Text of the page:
Chapter

The Doctrine of Essential Practices

Ronojoy Sen

in Articles of Faith

Published in print January 2010 | ISBN: 9780198063803
Published online October 2012 | e-ISBN: 9780199080168 | DOI: http://dx.doi.org/10.1093/acprof:oso/9780198063803.003.0002
The Doctrine of Essential Practices

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This chapter explores how India's Supreme Court has attempted to define religion with respect to the constitution; and second, how the judiciary has drawn a distinction between the sacred and the secular, particularly in the case of Hinduism. Unlike the United States, the Indian constitution combines freedom of religion clauses with a mandate to the state to intervene in religious affairs associated with ‘traditional’ Hinduism, such as untouchability and caste inequality. Some legal scholars have labelled the court's attempts to define what is fundamental to any religion the doctrine of ‘essential practices’. Since the essential practices test has been used, with a few exceptions, to judge the constitutionality of Hindu practices, this chapter primarily looks at the judicial discourse on Hinduism and Hindu practices. It shows how the Supreme Court's use of the essential practices doctrine has contributed to a rationalization of religion and religious practices. This has resulted in the sanction for an extensive regulatory regime for Hindu religious institutions and substantial limits on the independence of religious denominations.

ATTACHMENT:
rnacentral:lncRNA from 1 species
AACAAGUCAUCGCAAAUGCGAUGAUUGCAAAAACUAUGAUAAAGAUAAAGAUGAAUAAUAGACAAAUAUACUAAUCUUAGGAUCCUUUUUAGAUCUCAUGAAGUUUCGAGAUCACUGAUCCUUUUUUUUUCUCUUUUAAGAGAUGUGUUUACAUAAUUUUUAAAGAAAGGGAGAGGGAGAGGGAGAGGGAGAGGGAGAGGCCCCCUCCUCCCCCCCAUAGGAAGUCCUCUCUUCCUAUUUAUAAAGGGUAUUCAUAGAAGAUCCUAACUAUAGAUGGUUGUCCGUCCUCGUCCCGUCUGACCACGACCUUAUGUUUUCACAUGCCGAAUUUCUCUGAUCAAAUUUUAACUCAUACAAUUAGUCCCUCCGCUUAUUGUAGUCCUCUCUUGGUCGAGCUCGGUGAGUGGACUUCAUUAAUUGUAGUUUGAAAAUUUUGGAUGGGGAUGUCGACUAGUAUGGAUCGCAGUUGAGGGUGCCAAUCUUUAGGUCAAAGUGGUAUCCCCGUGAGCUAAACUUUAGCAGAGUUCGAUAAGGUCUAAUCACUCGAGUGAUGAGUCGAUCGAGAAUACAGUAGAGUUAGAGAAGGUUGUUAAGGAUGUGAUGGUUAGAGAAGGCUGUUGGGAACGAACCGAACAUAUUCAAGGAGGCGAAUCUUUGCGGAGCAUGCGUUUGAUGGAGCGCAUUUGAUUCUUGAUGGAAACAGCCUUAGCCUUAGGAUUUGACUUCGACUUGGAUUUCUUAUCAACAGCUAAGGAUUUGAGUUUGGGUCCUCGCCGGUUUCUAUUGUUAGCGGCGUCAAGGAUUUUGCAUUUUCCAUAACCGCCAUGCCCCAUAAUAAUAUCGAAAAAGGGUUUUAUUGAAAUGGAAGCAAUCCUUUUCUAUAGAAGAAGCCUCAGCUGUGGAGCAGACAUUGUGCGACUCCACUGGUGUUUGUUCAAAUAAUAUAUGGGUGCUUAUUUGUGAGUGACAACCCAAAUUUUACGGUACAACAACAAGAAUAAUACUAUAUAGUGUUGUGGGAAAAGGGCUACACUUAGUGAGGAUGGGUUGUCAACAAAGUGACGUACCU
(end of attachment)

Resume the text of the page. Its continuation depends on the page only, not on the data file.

Keywords: India; Supreme Court; Hinduism; doctrine of essential practices; constitution; religion; religious denominations; religious institutions; religious practices

Chapter.  12250 words. 

Subjects: Constitutional and Administrative Law

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